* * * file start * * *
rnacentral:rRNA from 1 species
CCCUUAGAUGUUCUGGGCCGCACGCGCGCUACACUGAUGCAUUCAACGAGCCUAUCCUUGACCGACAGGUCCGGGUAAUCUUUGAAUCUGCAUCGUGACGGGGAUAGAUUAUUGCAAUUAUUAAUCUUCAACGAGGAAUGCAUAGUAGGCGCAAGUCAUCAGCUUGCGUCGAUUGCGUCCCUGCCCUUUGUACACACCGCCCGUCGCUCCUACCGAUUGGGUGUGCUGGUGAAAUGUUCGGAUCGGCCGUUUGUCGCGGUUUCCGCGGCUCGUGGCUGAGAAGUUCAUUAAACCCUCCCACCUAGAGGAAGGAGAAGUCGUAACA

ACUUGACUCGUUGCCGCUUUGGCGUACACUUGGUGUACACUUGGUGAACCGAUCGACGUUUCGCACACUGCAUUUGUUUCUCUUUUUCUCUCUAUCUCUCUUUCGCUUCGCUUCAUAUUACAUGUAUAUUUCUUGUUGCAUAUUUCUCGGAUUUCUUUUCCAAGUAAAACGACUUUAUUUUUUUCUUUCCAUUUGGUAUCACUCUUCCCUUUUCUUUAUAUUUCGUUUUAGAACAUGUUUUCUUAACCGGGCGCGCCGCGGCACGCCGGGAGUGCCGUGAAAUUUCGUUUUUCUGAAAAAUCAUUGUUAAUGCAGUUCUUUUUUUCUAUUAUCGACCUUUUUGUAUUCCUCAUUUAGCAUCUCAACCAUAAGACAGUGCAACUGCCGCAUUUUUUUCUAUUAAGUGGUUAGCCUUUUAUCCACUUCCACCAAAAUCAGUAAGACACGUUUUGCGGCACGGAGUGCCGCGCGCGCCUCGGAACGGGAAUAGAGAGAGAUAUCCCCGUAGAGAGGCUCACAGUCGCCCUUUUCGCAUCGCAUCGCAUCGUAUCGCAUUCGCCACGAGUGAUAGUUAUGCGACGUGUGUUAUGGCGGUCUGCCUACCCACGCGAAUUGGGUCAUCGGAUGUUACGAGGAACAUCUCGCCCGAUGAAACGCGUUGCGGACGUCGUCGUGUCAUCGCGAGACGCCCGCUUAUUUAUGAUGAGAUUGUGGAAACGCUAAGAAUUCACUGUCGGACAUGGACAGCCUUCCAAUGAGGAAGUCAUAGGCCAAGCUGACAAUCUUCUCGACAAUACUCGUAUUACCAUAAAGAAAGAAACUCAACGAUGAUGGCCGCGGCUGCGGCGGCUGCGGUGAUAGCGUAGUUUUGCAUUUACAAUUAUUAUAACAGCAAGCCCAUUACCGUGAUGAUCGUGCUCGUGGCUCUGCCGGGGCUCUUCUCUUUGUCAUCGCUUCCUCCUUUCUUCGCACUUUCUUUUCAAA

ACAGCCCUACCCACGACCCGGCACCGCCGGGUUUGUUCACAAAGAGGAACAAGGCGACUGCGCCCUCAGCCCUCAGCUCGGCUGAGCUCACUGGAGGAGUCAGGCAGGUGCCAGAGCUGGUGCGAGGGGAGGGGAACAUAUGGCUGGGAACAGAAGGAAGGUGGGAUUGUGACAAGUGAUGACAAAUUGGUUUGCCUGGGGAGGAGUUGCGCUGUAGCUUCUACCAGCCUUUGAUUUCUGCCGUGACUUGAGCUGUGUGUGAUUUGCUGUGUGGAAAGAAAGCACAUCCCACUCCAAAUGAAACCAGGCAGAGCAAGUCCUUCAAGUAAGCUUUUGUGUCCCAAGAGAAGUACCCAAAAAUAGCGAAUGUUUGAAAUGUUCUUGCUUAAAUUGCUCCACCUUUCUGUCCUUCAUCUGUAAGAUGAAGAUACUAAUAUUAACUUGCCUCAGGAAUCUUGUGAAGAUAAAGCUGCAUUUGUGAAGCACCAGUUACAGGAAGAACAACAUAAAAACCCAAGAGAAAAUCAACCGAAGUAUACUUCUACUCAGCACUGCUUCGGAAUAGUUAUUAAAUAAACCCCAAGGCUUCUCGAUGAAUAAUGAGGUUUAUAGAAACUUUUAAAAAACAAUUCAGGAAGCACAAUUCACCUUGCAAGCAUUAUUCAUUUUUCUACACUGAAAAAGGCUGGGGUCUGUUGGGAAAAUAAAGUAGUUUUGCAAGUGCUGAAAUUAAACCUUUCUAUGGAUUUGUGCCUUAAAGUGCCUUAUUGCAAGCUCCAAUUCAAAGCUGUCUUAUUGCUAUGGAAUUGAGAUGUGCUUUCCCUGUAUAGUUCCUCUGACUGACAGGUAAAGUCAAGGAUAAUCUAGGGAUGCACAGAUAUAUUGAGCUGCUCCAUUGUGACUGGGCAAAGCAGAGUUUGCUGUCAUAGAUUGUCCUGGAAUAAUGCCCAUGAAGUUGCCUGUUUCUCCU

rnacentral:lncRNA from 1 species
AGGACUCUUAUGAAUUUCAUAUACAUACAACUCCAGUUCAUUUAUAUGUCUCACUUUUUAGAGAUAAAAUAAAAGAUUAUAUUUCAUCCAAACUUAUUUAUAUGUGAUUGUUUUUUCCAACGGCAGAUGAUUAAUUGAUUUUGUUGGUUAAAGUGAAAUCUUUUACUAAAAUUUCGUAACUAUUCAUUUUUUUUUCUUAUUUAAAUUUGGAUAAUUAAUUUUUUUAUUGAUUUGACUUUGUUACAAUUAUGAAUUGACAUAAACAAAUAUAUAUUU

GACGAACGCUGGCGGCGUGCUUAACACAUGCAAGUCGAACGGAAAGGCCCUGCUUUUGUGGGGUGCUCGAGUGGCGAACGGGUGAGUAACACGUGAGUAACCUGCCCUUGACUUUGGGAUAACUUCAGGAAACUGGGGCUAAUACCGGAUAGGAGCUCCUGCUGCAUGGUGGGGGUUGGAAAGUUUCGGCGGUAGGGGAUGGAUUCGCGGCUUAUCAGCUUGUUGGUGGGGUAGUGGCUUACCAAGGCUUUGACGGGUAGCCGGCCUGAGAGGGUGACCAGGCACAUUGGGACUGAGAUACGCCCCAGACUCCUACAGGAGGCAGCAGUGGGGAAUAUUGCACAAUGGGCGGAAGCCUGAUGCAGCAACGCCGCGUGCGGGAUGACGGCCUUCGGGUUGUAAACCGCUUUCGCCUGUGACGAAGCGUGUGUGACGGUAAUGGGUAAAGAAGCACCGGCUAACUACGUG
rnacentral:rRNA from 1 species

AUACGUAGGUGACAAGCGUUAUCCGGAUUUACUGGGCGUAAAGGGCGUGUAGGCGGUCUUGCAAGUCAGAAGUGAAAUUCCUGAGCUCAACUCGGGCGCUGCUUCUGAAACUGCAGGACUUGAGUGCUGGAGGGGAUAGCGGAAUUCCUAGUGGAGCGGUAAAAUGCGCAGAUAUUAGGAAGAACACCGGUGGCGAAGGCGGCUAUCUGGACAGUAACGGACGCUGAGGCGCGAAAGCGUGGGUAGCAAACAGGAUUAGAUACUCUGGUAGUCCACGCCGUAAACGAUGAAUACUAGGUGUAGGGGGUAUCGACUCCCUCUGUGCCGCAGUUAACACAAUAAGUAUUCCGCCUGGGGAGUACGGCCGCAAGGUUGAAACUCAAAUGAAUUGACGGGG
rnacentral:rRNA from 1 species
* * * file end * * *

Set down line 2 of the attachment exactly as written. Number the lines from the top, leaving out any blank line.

CCCUUAGAUGUUCUGGGCCGCACGCGCGCUACACUGAUGCAUUCAACGAGCCUAUCCUUGACCGACAGGUCCGGGUAAUCUUUGAAUCUGCAUCGUGACGGGGAUAGAUUAUUGCAAUUAUUAAUCUUCAACGAGGAAUGCAUAGUAGGCGCAAGUCAUCAGCUUGCGUCGAUUGCGUCCCUGCCCUUUGUACACACCGCCCGUCGCUCCUACCGAUUGGGUGUGCUGGUGAAAUGUUCGGAUCGGCCGUUUGUCGCGGUUUCCGCGGCUCGUGGCUGAGAAGUUCAUUAAACCCUCCCACCUAGAGGAAGGAGAAGUCGUAACA